How Simple Blood Tests Could Revolutionize Cancer Treatment
By Sarah Elizabeth Richards/Smithsonianmag.com
When 49-year-old Star Dolbier landed at the University of Maryland Greenebaum Cancer Center in the summer of 2018 with a large mass on her left lung, she’d done enough research to know the situation was dire. The five-year survival rate for her type of advanced lung cancer—the most common among patients like herself who had never smoked—was 6 percent.
Plus, she’d likely have to go through a painful biopsy surgery—in which doctors remove tissue from her lung through her chest wall—and wait weeks for the results.
So when she met with her new oncologist, Dolbier was surprised to learn that the medical center was part of a research trial that would analyze tiny fragments of cancer DNA that the tumor had shed in her blood. The results of the new test made by a company called Guardant Health in Silicon Valley came back within a week.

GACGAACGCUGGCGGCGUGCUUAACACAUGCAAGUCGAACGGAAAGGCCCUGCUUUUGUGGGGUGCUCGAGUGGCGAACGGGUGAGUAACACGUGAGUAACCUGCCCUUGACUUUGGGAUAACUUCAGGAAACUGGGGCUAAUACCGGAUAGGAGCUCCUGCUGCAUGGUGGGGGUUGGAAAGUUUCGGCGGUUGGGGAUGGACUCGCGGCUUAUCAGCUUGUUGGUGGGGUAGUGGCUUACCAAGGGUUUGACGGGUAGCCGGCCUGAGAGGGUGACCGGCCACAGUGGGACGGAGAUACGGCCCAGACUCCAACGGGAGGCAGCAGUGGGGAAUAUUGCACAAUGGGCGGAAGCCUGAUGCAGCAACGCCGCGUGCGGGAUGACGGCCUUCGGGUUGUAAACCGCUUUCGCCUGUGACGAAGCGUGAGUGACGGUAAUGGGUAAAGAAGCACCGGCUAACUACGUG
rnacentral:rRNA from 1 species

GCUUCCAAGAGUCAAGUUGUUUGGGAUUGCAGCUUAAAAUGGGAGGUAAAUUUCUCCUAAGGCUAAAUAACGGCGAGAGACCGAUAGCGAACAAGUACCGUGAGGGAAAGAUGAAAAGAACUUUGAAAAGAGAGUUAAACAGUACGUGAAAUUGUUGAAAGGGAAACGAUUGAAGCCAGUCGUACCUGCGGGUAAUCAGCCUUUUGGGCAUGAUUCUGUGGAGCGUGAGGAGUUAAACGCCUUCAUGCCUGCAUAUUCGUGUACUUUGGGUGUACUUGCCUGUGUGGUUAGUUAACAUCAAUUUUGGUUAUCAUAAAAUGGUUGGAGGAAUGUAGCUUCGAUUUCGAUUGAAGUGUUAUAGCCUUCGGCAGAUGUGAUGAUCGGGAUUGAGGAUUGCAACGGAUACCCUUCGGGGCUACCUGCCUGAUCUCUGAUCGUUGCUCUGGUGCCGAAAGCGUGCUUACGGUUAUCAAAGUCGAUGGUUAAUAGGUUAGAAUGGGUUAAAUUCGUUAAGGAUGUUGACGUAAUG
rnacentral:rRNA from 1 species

They revealed that she was part of the 15 percent of lung cancer patients with a mutation in their EGFR gene, which made her eligible for a new drug treatment that been approved just four months earlier for patients with advanced non-small cell lung cancer.
The drug is part of a new generation…
Carol graduated from Riverside White Cross School of Nursing in Columbus, Ohio and received her diploma as a registered nurse. She attended Bowling Green State University where she received a Bachelor of Arts Degree in History and Literature. She attended the University of Toledo, College of Nursing, and received a Master’s of Nursing Science Degree as an Educator.
She has traveled extensively, is a photographer, and writes on medical issues. Carol has three children RJ, Katherine, and Stephen – one daughter-in-law; Katie – two granddaughters; Isabella Marianna and Zoe Olivia – and one grandson, Alexander Paul. She also shares her life with her husband Gordon Duff, many cats, and two rescues.